33. On 7th March 2002, a reminder was sent to the Respondent State to
forward its submissions within the prescribed time to enable the Secretariat
to proceed with the communication.
34. Article 56(5) of the African Charter provides:
"The communications stipulated in Article 55 received by the Commission
relating to human and peoplesí rights, must meet the following conditions in
order to be investigated:
(5) Be subsequent to exhausting all local remedies, if they exist, unless it
is obvious to the Commission that the procedure for such recourse is
35. Concerning the question of exhausting local avenues of recourse, the
Complainant informed the Commission that no effective recourse was available
and that, even if used, the Constitutional Court is not qualified due to the
state of emergency and the political limitations, which makes it impossible
to legitimately complain to the court.
36. He maintains that the grounds for a local remedy that could apply are
rendered ineffective by the fact that the legal system in Sudan is neither
free nor independent since the Sudanese courts have been controlled by the
executive since 1998 and that, given this situation, the executive could not
rule on proceedings brought against the Sudanese government which are based
on international humanitarian law, or even apply this law when it is clearly
37. The Complainant alleges that, in practice, the procedures in place,
which allow for compensation for human rights violations committed by the
Government of Sudan, are often inaccessible to those individuals whose
rights have been violated, due to the fact that current administrative and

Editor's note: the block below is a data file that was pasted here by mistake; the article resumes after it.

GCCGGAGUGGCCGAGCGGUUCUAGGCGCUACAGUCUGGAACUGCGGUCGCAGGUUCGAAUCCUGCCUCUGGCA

legal solutions are serious obstacles to their use. Consequently,
complainants who ask that their rights be protected before Sudanese courts,
come up against obstacles which make these avenues of redress ineffective.
38. The Sudanese government alleges that the complainants did not use the
remedies available to them in the local courts before applying to the
Commission. It insists that neither the lawyer lodging the complaint, nor
the complainants, filed an appeal against the decision; this is proved from
the registers of the administrative courts.
39. The government maintains that the complainants, despite their insistence
in previous correspondence, did not transmit to them the reference number of
the appeal that had been filed which proves that no appeal was filed,
contrary to the assertions of the complainants who therefore did not exhaust
all the local remedies as provided in Article 56 of the African Charter on
Human and Peoplesí Rights.
40. It argues that the right of the complainants to file an appeal against a
decision of the court, is provided for in Article 20 (1) of the
administrative and constitutional code of justice of 1996 as amended in
2000, and documentation on decisions handed down in similar cases was
41. Article 56 (5) of the African Charter requires that "a communication be
introduced subsequent to exhaustion of local remedies, if they exist, unless
it is obvious to the Commission that the procedure for such recourse is
abnormally prolonged". The complaint before the Commission was received by
the Secretariat on 14th October 1998 and the decision to close the
universities was taken on 26th September 1998 - an interval of one month
between closure of the universities and receipt of the complaint.
42. The Commission is of the view that an interval of one month is a short
time within which the Complainant could have accessed and exhausted all
local remedies. Furthermore, the Complainant gives no indication of
instituting proceedings before the domestic courts.
For these reasons, and in accordance with Article 56(5) of the African
Charter, the Commission declares this communication inadmissible due to
non-exhaustion of local remedies.
Done at the 31st Ordinary Session held in Pretoria, South Africa, from 2nd
to 16th May 2002.